Recovering from Religion

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Recovering from Religion

Unless you were raised by atheist parents, you probably had some recovering to do when you left religion. The purpose of RR is to provide a landing place for people when they jump from religion. With local support groups throughout the US, Canada, UK, and Australia, and real-time resources accessible to everyone, RR is where to turn when faith has lost its luster.

Website: http://www.recoveringfromreligion.org
Location: International
Members: 549
Latest Activity: Nov 21

Discussion Forum

In what way are you still recovering from being brought up religious?

Started by Steph S.. Last reply by Richard C Brown Aug 30. 57 Replies

I was brought up in a fundamentalist family.Anyone still dealing with any issues from religion?Do you fear the result of coming out Atheist to your family?Any thoughts are welcome.Continue

Catholic Family / Atheist Wedding - HELP

Started by Megan. Last reply by Tom Sarbeck May 31. 4 Replies

Any one else out there still recovering from Catholic guilt??I come from an extremely Catholic family/upbringing. In 6 days I will be the first person in my entire extended family not to marry a Catholic in a Catholic Church.My biggest source of…Continue

Anyone still deal with anything like this?

Started by Starland Victor Seay. Last reply by Matt Skaggs Aug 26, 2013. 27 Replies

One thing I have noticed is a tendency to "doubt" my new path in life. I still want to reach for the Bible sometimes. I still hesitate somewhat when someone mentions Pascal's "Wager"...LOL! Even though I know that science teaches this and that no…Continue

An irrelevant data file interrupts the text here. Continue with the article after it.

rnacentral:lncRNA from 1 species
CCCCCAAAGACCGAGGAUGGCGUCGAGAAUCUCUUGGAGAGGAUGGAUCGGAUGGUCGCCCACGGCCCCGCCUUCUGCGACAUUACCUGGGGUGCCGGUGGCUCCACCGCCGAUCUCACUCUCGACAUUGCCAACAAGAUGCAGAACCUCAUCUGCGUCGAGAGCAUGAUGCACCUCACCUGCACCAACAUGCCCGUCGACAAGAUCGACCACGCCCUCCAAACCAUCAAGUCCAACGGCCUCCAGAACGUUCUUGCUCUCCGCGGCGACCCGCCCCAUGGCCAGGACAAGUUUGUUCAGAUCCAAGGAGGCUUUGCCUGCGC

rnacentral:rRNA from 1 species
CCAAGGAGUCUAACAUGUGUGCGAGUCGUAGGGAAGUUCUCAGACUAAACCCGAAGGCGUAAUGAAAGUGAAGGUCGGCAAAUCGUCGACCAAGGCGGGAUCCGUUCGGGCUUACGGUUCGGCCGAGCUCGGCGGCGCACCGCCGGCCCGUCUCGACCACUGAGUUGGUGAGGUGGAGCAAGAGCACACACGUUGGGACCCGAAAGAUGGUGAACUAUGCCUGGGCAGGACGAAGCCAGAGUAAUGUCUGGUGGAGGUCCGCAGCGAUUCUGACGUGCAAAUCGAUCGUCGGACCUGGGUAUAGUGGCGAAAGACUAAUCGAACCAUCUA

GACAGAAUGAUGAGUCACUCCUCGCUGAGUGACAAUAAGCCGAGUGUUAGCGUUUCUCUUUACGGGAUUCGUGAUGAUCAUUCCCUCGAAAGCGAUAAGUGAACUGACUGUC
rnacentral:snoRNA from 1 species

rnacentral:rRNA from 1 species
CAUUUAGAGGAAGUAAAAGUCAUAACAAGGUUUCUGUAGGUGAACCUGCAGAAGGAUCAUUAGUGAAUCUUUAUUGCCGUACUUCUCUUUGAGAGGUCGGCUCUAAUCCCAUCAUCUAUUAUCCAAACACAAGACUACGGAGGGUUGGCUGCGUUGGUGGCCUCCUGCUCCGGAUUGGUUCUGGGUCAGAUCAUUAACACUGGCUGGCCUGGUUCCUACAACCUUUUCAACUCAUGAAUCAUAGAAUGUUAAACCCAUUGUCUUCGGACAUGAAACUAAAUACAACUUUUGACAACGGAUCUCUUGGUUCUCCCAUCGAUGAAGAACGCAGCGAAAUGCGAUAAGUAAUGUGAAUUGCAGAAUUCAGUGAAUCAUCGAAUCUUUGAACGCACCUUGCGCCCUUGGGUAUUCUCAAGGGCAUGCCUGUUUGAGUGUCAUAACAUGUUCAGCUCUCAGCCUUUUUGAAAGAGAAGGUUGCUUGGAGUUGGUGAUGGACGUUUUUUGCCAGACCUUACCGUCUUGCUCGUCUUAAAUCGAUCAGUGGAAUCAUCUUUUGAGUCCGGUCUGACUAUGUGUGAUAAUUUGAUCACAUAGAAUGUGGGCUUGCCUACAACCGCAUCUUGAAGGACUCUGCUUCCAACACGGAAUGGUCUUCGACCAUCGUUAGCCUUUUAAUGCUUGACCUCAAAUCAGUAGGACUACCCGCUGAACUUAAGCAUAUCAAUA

"Thief in the Night"

Started by cbenhamcox. Last reply by Luara Aug 18, 2013. 2 Replies

Last night I was reading Seth Andrew's book, Deconverted, and I almost fell out of my chair when he discussed being forced to watch the end times film from the 1970's call "A Thief in the Night."  He described some of the scenes, and I had a…Continue

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Comment by James M. Martin on December 15, 2012 at 1:55pm

Tabitha, I always read the obits, paid for by the loved ones who survived.  They attribute extraordinary claims to their departed, such as "went to be with the Lord," "was taken by the Angel's to God," et al.  I read them because they amuse me.  Sometimes the photos accompanying the obits are of people so anti-social looking, I have to wonder why some family doesn't post, "The worms crawl in/The worms crawl out/The worms play pinocle/On my snout.  He was a lousy s.o.b. is all we can say about him."

Comment by James M. Martin on December 15, 2012 at 1:49pm

Dawkins may be experiencing intense frustration at why the world of man does not see truth and rationally examine all claims of moral authority.  Wasn't it he who said that the more supernatural the claim, the greater the burden of evidence?  In some of his videos, he is shown as a clever debater who can lead you down the primrose path of the dogmatic, then zero in on the particular irrationality of your argument.  He invented the disputational boxed canyon.

Comment by James M. Martin on December 15, 2012 at 1:42pm

Thanks Joan, glad I could be of some use to you.

Comment by Kara Ward on December 15, 2012 at 1:01pm

I agree with the other Kara, I can't imagine anyone more inspirational than Dawkins. He could have said that the man was emotionally attached, but that would have just been interpreted as condescending.